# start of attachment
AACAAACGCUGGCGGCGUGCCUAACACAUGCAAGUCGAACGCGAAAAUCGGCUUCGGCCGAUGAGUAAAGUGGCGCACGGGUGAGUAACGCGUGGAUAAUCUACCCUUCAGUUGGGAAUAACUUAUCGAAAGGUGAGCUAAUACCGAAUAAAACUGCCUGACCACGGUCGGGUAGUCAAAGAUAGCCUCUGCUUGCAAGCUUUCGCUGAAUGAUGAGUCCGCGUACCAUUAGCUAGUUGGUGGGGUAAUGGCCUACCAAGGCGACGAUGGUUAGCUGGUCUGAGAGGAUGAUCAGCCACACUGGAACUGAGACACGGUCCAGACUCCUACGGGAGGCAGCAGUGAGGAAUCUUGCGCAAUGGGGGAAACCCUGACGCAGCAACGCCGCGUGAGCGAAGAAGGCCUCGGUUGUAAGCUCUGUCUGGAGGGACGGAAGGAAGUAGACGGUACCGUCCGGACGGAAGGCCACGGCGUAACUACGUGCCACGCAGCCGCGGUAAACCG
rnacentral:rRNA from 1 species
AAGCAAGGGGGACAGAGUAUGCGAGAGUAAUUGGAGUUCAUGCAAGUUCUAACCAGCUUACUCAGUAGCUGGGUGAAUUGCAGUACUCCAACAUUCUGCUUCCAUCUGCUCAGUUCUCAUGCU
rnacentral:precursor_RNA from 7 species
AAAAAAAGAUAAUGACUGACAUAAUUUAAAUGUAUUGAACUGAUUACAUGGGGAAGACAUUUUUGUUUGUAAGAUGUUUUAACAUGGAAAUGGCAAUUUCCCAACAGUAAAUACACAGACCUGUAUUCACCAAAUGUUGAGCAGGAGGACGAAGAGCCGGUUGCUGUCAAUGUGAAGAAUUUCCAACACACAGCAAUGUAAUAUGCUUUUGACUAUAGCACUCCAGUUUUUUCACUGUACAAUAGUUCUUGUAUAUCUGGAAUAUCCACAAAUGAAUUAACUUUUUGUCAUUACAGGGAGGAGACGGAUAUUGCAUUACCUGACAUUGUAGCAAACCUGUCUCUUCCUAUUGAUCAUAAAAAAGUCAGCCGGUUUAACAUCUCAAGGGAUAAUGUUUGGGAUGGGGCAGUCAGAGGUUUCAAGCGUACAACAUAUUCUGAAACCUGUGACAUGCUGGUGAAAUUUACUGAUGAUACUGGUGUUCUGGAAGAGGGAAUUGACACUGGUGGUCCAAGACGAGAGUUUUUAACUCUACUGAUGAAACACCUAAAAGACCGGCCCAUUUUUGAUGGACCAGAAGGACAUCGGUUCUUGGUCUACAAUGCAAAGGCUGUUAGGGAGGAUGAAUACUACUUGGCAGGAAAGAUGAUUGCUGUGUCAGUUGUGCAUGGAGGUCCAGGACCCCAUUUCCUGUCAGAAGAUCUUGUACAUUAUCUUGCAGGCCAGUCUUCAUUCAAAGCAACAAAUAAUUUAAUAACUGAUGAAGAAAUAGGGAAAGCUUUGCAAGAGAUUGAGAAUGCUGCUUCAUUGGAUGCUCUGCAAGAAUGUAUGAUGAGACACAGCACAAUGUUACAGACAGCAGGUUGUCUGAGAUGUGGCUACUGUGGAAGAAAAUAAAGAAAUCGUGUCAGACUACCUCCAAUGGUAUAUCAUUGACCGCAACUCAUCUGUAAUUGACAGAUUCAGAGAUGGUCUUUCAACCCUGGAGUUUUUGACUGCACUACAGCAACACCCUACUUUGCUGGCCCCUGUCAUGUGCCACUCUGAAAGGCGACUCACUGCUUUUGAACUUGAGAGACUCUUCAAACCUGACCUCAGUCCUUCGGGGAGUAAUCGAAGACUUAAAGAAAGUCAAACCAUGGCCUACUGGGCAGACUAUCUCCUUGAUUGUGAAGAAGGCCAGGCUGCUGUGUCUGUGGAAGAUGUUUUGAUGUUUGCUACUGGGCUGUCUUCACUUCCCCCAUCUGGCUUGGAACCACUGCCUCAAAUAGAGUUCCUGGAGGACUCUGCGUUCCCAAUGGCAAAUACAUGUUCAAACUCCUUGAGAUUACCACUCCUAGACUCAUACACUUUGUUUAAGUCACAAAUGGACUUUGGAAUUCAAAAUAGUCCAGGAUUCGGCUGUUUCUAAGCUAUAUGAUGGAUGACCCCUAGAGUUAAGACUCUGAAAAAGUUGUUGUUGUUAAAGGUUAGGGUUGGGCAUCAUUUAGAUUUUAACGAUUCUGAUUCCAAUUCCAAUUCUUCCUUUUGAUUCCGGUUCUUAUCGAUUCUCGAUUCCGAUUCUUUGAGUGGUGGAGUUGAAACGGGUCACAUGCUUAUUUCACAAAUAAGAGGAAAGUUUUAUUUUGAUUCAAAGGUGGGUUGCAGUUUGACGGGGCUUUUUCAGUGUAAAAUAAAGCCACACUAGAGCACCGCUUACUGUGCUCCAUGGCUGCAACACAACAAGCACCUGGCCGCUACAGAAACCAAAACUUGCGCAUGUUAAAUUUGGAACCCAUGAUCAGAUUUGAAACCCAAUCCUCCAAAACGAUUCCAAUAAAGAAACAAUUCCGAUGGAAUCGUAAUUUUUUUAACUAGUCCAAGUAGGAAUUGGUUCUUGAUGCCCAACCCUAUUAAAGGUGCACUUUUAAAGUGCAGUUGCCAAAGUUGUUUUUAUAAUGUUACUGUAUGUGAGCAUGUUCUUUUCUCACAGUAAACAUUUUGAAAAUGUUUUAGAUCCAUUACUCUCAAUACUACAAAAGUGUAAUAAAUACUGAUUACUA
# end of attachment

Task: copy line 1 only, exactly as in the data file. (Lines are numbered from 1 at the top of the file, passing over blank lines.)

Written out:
AACAAACGCUGGCGGCGUGCCUAACACAUGCAAGUCGAACGCGAAAAUCGGCUUCGGCCGAUGAGUAAAGUGGCGCACGGGUGAGUAACGCGUGGAUAAUCUACCCUUCAGUUGGGAAUAACUUAUCGAAAGGUGAGCUAAUACCGAAUAAAACUGCCUGACCACGGUCGGGUAGUCAAAGAUAGCCUCUGCUUGCAAGCUUUCGCUGAAUGAUGAGUCCGCGUACCAUUAGCUAGUUGGUGGGGUAAUGGCCUACCAAGGCGACGAUGGUUAGCUGGUCUGAGAGGAUGAUCAGCCACACUGGAACUGAGACACGGUCCAGACUCCUACGGGAGGCAGCAGUGAGGAAUCUUGCGCAAUGGGGGAAACCCUGACGCAGCAACGCCGCGUGAGCGAAGAAGGCCUCGGUUGUAAGCUCUGUCUGGAGGGACGGAAGGAAGUAGACGGUACCGUCCGGACGGAAGGCCACGGCGUAACUACGUGCCACGCAGCCGCGGUAAACCG